Written by Tetsuya Honda, translated by Giles Murray — Recently I lamented the decline of the classic police procedural – but how quickly I’ve been proven wrong. The genre appears truly alive and well, not least of all in Japan, where authors such as Hideo Yokoyama and Keigo Higashino continue to put out fine examples of the genre. Among these authors, who each combine diverse western influences with uniquely Japanese contexts, is Tetsuya Honda. His novel The Silent Dead was recently made into a movie in Japan and it’s both a classic police procedural and a highly original creation.
Lieutenant Reiko Himekawa is a young squad leader in the Homicide Division of the Tokyo Metropolitan Police Department. As a young woman in a man’s world, she’s faced every obstacle in her rise up the police ranks, but it’s her determination and work ethic that have propelled her to the rank of lieutenant at the age of 27. She is motivated by the memory of an incident during her teenage years, an incident which shocked her out of complacency and left her with a newfound respect for the police. But not everyone is appreciative of this young woman seemingly coasting her way to the top of the police ranks.
One of the men on Himekawa’s back is Lieutenant Kensaku Katsumata, once a stickler for the rules he has recently discovered that money can buy a lot in the way of information. When a mutilated body is found near a fishing pond in a quiet residential area Himekawa and her squad are assigned the case, and she quickly realises that there’s more to it than meets the eye – there are the injuries to the corpse; some of which are the result of torture, but one cut is deeper, and was clearly administered post-mortem. When Reiko identifies the meaning behind that cut, which leads her to more corpses, Katsumata is furious at the way she seemed to come at the answer by intuition, rather than methodical police work.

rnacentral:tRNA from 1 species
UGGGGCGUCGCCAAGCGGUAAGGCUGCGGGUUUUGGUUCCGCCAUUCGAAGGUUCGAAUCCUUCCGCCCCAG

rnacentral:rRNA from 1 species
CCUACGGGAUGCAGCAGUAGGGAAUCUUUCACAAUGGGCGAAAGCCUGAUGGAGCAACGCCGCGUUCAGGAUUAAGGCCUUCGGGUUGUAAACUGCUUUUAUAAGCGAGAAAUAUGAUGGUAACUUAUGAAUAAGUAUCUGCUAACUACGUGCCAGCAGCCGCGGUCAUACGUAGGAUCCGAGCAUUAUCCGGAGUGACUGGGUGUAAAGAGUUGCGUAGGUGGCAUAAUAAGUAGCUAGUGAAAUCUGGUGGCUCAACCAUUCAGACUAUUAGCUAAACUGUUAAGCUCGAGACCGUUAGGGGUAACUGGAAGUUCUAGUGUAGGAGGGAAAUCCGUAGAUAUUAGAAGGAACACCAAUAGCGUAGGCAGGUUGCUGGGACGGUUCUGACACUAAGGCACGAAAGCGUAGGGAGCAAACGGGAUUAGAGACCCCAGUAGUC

Thanks to that increasing body count, the department is left with no choice but to increase resources. The two teams must work together, along with the police from neighboring Saitama prefecture, where a further nine corpses have been discovered in the waters of a university rowing course. With so many officers working together, there’s bound to be some butting of heads, but it seems that cooperation is the only way to stop the murders.
Their investigation leads them to a sinister online organisation called Strawberry Night, which is the Japanese title for The Silent Dead, and I for one am glad it was changed, although it’s not clear why these ‘dead’ are particularly ‘silent’. There are seven novels in the Reiko Himekawa series to date, of which Strawberry Night is the first. In Japan it was recently made into both a TV series and a movie, and Japanese bookstores are full of movie tie-in versions, 10 years after the original was released to great acclaim. It’s not difficult to see why Honda’s novels are still so popular – The Silent Dead introduces an original and believable police character, and gives us an insight into the struggle for individuality in the bleak solitude of central Tokyo.
Lovers of police procedurals, particularly those in translation, will relish The Silent Dead, particularly as it opens a series which is already seven novels strong. The second, Soul Cage, is planned for English release in May 2017, according to the publisher. I’m certainly looking forward to it; the first is a classic police procedural with an array of complex, intriguing characters and a highly original plot.
CFL Rating: 5 Stars